• Do you want the mentor to be a be-all-end-all person, or a mentor for a very specific thing on your agenda. For instance, you can work with a theater artist to work on your voice modulation, but they can’t help you with content practicing.
  • Practice talking. Doesn’t matter if you have been shy all your life. Doesn’t matter if your English is not that great. Doesn’t matter if you don’t have much to say.
    • Stand in front of a mirror and talk. Get comfortable with your own face. Do not fall in love with your face. If you’re not comfortable with your own face, chances are that the interviewer isn’t either.
    • Record and playback. Most smartphones allow this. You can even video-record. If you are not comfortable with hearing your blabber, chances are that the interviewer isn’t either. At the same time, this is not bathroom singing. Everyone sounds great as a bathroom singer. But make them listen to that recording and they are devastated.
    • Practice voice modulation. Amitabh Bachchan is a great example. Its years of practice alright, but you have to start your own sometime. Loud is different from modulation. You need to be audibly loud as well. Don’t lose sight of that as you add a bit of melodrama to your voice.
  • Read, and jot down notes. Always helps. In articulating. In noticing the flaws of arguments.
    • Read a lot. In a wide variety. One of my questions during my XAT was a 10 question RC passage. It was a lift from Catch-22. And I had to fill in the blanks. Easy? Impossible? If you’ve read the book, it’s a breeze.
    • Know the context, know the names.
    • Read the backstories.
    • A friend of mine had this Wikipedia habit, which I tried to imbibe over the years. He clicked on embedded links a lot when reading articles. Gave him knowledge much deeper than a cursory reading of the topic. If you keep notes, maybe you will have to sell ten filled notebooks at the end of this month, but it will still be worth it.
    • Reconstruct stories from notes.
  • Respect other people/things.
    • The people you will talk to in a GD will have names and personalities. On an average, in a GD, its extremely unlikely that there will be more than 2 or 3 well prepared students. But that does not make the rest of the crew any less respectable.
    • During the interview, the person in front of you is looking to have an interesting conversation. Don’t bore them.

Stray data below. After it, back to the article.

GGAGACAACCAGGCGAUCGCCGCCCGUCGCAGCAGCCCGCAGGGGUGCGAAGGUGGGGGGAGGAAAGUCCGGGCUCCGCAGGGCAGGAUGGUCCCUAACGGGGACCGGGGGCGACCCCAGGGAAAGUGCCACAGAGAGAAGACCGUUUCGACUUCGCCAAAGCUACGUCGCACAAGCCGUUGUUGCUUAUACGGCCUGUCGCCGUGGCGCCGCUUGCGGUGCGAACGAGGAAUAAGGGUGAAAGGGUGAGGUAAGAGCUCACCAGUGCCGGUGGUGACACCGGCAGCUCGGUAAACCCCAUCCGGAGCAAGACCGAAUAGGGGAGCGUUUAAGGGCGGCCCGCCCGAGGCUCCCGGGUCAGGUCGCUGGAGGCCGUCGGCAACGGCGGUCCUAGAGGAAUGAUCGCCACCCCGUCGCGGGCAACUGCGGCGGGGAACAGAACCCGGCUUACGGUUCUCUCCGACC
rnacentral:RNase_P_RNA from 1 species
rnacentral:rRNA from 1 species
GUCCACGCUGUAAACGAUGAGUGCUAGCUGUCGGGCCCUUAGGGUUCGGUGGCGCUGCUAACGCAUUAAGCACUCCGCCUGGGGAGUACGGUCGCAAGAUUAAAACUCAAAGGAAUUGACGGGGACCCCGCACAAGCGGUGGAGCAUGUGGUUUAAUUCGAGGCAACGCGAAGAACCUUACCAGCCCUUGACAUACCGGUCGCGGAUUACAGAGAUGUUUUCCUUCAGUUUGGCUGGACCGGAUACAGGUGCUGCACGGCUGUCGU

• Always make eye contact. If while referring to someone’s earlier arguments you make eye contact with them, they are less prone to interrupting, and more likely to rallying back to you later on.
  • 15 rounds of firing
    • Malcom Gladwell wrote about the 10000 hour rule. To be really great at something, you must have done it for 10000 hours. So, Michael Jordan must have played 10000 hours of basketball before he became so good. The same rule applies to essays. Not 10000 hours. But I call it 15 rounds of firing. You need to have your own ~15 attempts at writing the answers to the typical essay questions. The list of questions for every college is most likely available online already. But even if you’ve done 5-10 awesome colleges, chances are that you are practiced sufficiently. After about 15 rounds, you are a lot clearer on your thinking about what your personality is, what your strengths and weaknesses are.
    • Critical review. Have your mentor critique it. Have your mentor suggest improvements. Clean. Rinse. Repeat. Keep doing it. 3 more times after you’ve had enough. It will hold you good for the rest of your corporate life as well.
    • Get a group of friends and independent reviewers to look at it. But don’t take everyone’s suggestion. Ask them not just about the negatives. Ask them about the positives too. Negatives generally tend to be inconsistent. But the positives “need” to be consistent.

I realize that there isn’t usually enough time. But then, if you don’t get it right, you will have to wait for another 12 months, right? And this regime does not require more than 3 hours a day for 30 days to get into a momentum.

%d bloggers like this: